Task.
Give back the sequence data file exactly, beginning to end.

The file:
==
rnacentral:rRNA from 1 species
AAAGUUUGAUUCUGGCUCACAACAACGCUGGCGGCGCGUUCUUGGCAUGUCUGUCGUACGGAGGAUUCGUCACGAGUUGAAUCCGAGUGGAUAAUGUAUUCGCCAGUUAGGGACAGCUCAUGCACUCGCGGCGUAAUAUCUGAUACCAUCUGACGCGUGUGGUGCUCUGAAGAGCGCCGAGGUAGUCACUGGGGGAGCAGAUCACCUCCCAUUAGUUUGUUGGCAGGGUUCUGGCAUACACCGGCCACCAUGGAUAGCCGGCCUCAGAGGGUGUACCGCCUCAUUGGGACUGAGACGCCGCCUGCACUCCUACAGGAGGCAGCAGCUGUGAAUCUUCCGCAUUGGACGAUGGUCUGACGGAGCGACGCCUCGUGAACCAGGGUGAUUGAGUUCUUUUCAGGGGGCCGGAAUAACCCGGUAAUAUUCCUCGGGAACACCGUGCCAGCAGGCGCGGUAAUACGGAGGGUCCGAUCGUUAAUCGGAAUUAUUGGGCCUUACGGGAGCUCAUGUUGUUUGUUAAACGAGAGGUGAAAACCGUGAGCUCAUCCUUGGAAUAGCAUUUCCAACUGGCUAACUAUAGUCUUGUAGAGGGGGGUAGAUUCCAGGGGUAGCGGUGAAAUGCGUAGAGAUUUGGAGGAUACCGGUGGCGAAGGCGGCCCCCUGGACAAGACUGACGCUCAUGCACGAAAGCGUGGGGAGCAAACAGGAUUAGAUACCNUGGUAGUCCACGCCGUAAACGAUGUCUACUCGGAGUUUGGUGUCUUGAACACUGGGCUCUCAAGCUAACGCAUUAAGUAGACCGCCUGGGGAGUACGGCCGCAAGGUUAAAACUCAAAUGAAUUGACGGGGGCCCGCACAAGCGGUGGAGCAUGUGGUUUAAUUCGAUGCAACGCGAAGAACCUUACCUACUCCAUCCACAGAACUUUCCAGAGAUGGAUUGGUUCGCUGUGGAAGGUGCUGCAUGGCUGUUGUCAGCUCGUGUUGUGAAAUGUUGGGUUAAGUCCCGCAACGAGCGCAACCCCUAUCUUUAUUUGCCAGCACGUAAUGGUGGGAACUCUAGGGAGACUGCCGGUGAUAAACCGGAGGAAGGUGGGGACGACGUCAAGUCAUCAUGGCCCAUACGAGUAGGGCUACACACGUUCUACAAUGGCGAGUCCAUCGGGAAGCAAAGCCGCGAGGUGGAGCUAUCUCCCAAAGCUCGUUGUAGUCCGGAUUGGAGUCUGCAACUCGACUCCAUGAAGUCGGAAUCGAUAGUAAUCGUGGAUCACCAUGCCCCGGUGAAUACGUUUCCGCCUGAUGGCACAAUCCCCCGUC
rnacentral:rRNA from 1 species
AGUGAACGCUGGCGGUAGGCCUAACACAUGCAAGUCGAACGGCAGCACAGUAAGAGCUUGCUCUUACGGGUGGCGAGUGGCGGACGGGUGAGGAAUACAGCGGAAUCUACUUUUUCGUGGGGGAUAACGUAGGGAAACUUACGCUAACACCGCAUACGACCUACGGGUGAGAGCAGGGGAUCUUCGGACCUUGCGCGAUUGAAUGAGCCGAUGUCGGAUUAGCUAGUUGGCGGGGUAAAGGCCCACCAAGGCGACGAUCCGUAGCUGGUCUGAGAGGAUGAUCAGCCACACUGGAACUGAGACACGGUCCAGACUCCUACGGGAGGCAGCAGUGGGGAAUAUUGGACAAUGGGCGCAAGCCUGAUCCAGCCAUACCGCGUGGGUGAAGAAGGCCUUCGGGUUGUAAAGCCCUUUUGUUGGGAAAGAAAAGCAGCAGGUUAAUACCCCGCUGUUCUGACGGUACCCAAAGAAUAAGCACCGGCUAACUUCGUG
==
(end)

rnacentral:rRNA from 1 species
AAAGUUUGAUUCUGGCUCACAACAACGCUGGCGGCGCGUUCUUGGCAUGUCUGUCGUACGGAGGAUUCGUCACGAGUUGAAUCCGAGUGGAUAAUGUAUUCGCCAGUUAGGGACAGCUCAUGCACUCGCGGCGUAAUAUCUGAUACCAUCUGACGCGUGUGGUGCUCUGAAGAGCGCCGAGGUAGUCACUGGGGGAGCAGAUCACCUCCCAUUAGUUUGUUGGCAGGGUUCUGGCAUACACCGGCCACCAUGGAUAGCCGGCCUCAGAGGGUGUACCGCCUCAUUGGGACUGAGACGCCGCCUGCACUCCUACAGGAGGCAGCAGCUGUGAAUCUUCCGCAUUGGACGAUGGUCUGACGGAGCGACGCCUCGUGAACCAGGGUGAUUGAGUUCUUUUCAGGGGGCCGGAAUAACCCGGUAAUAUUCCUCGGGAACACCGUGCCAGCAGGCGCGGUAAUACGGAGGGUCCGAUCGUUAAUCGGAAUUAUUGGGCCUUACGGGAGCUCAUGUUGUUUGUUAAACGAGAGGUGAAAACCGUGAGCUCAUCCUUGGAAUAGCAUUUCCAACUGGCUAACUAUAGUCUUGUAGAGGGGGGUAGAUUCCAGGGGUAGCGGUGAAAUGCGUAGAGAUUUGGAGGAUACCGGUGGCGAAGGCGGCCCCCUGGACAAGACUGACGCUCAUGCACGAAAGCGUGGGGAGCAAACAGGAUUAGAUACCNUGGUAGUCCACGCCGUAAACGAUGUCUACUCGGAGUUUGGUGUCUUGAACACUGGGCUCUCAAGCUAACGCAUUAAGUAGACCGCCUGGGGAGUACGGCCGCAAGGUUAAAACUCAAAUGAAUUGACGGGGGCCCGCACAAGCGGUGGAGCAUGUGGUUUAAUUCGAUGCAACGCGAAGAACCUUACCUACUCCAUCCACAGAACUUUCCAGAGAUGGAUUGGUUCGCUGUGGAAGGUGCUGCAUGGCUGUUGUCAGCUCGUGUUGUGAAAUGUUGGGUUAAGUCCCGCAACGAGCGCAACCCCUAUCUUUAUUUGCCAGCACGUAAUGGUGGGAACUCUAGGGAGACUGCCGGUGAUAAACCGGAGGAAGGUGGGGACGACGUCAAGUCAUCAUGGCCCAUACGAGUAGGGCUACACACGUUCUACAAUGGCGAGUCCAUCGGGAAGCAAAGCCGCGAGGUGGAGCUAUCUCCCAAAGCUCGUUGUAGUCCGGAUUGGAGUCUGCAACUCGACUCCAUGAAGUCGGAAUCGAUAGUAAUCGUGGAUCACCAUGCCCCGGUGAAUACGUUUCCGCCUGAUGGCACAAUCCCCCGUC
rnacentral:rRNA from 1 species
AGUGAACGCUGGCGGUAGGCCUAACACAUGCAAGUCGAACGGCAGCACAGUAAGAGCUUGCUCUUACGGGUGGCGAGUGGCGGACGGGUGAGGAAUACAGCGGAAUCUACUUUUUCGUGGGGGAUAACGUAGGGAAACUUACGCUAACACCGCAUACGACCUACGGGUGAGAGCAGGGGAUCUUCGGACCUUGCGCGAUUGAAUGAGCCGAUGUCGGAUUAGCUAGUUGGCGGGGUAAAGGCCCACCAAGGCGACGAUCCGUAGCUGGUCUGAGAGGAUGAUCAGCCACACUGGAACUGAGACACGGUCCAGACUCCUACGGGAGGCAGCAGUGGGGAAUAUUGGACAAUGGGCGCAAGCCUGAUCCAGCCAUACCGCGUGGGUGAAGAAGGCCUUCGGGUUGUAAAGCCCUUUUGUUGGGAAAGAAAAGCAGCAGGUUAAUACCCCGCUGUUCUGACGGUACCCAAAGAAUAAGCACCGGCUAACUUCGUG